Meet Patricia Kell, new Executive Director at the National Trust for Canada

Meet Patricia Kell, the new Executive Director at the National Trust for Canada since November 2023.


1. I care about historic places because:

Historic places are tangible links to our past. They are places to tell the stories about where we came from, who we are, and what values should guide us in moving forward.  Historic places ground us (literally!) as individuals, communities, and nations. They are sometimes beautiful, sometimes awe-inspiring, but always make me think about the world in richer more nuanced way. Each one is unique, with its own story, physical attributes and intangible connections. Historic places can be important to whole nations or can be treasured only in the context of a person’s individual history.


2. A historic place that matters to me is:

I recently found a small box at the back of drawer with three hand-made nails in it.  The note said that these nails came from the Hamilton house, where my great-great-grandparents once lived. I remember visiting that house as a child with my family one summer.  The house had been abandoned and was vacant. But it was still a place to connect to the past, to family, and to place. The autumn after we visited, that house burned to the ground. This house, and the houses of my grandparents with their wonderful attics and back stairs, matter to me as connections to my personal past – and remind me of the fragility of those places and connections.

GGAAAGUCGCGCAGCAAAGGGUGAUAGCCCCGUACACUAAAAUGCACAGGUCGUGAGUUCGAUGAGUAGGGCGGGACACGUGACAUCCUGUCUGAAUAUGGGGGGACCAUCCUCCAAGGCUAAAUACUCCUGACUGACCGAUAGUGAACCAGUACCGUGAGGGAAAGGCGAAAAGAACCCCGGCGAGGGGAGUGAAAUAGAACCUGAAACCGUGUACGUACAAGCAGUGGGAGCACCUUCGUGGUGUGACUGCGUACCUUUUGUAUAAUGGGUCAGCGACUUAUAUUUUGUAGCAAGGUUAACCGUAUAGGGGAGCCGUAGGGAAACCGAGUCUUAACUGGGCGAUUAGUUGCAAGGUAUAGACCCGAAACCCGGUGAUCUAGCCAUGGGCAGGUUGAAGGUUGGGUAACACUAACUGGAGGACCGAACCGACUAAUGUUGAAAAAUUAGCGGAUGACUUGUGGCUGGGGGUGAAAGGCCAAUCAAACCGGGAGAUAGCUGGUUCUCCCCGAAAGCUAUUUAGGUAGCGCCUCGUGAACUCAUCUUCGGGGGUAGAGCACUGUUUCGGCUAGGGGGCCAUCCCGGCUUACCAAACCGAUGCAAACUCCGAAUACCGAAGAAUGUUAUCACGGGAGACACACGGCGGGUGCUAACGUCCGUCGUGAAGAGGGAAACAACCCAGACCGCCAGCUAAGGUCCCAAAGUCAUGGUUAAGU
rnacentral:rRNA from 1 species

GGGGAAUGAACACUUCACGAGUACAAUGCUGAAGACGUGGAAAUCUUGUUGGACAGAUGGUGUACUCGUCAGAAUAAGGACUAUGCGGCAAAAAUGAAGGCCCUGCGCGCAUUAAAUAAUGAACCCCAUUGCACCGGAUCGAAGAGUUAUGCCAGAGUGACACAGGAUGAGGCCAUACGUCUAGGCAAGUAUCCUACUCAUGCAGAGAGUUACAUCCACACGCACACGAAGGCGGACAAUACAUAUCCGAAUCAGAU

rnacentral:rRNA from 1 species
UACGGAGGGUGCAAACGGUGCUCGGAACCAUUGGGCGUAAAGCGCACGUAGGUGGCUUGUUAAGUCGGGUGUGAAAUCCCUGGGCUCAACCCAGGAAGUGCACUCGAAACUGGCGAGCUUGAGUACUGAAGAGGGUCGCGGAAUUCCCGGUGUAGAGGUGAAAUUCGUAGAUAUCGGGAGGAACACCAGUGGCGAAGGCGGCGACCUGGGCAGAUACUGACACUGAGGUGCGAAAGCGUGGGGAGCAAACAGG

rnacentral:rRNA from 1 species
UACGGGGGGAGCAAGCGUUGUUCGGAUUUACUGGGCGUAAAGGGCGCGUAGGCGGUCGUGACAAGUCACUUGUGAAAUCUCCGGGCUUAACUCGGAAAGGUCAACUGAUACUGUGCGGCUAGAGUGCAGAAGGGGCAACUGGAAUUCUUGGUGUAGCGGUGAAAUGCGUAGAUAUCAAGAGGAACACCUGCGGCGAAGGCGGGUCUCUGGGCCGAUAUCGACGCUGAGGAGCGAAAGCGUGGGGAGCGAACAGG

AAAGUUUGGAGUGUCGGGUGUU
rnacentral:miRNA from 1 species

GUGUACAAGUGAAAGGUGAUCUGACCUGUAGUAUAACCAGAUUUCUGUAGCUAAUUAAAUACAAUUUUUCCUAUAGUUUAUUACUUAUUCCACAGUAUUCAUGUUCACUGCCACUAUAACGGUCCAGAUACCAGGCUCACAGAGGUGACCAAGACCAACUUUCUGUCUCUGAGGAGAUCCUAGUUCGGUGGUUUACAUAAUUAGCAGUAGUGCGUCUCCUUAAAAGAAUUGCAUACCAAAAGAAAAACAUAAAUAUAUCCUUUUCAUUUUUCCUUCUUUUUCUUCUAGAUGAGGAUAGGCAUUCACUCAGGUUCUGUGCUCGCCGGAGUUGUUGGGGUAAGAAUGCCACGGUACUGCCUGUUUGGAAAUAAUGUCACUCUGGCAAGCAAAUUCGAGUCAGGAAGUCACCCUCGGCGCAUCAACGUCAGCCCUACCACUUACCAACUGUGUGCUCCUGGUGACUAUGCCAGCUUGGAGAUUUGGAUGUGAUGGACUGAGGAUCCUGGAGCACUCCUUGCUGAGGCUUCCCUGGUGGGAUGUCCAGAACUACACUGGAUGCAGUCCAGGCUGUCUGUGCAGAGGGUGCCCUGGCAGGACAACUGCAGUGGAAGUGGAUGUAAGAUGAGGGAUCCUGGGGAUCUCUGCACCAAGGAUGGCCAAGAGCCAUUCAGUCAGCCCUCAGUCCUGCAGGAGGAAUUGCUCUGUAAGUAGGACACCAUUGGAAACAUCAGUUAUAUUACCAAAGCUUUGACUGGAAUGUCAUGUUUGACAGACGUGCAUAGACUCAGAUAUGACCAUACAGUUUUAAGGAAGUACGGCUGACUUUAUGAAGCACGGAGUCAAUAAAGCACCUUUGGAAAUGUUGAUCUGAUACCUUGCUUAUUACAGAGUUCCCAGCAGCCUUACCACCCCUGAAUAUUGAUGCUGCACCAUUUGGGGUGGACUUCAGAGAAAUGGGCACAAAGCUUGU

3. The place that every Canadian should see at least once in their life is:

York Factory (MB). Or Dawson (YK). Or L’Anse aux Meadows (NL). What do they have in common? Each has an exceptional setting and unique resources that testify to their historic importance. They are all now remote but each was a hub of world-changing activity at a time in the past.  They were all on the leading edge of the interactions between Europeans and Indigenous peoples. Their stories are demonstrative of how those relationships developed in the last 1000 years. Each is a humbling reminder that places and activities that are very important today (economically, in particular) will one day be cast to the very edge of awareness.


4. If I were a historic place, my architecture style would be:

If I were a historic place, I would not assume that my architecture was the most important thing about me! Those flashy buildings with their flying buttresses and Corinthian columns are not more valuable or interesting than cultural landscapes or archaeological sites. If I were a historic place, I would have a many-layered story and be a place where people come today to feel connected, refreshed and inspired.


5.  My idea of “heritage” is:

My idea of heritage is broad. Heritage includes traditions and practices. It includes things like food, dress, dance, language, stories, music and song. It includes skills that are handed on from one generation of practitioners to another. Heritage makes life richer and more meaningful. It builds a bridge between individuals and between the past and future.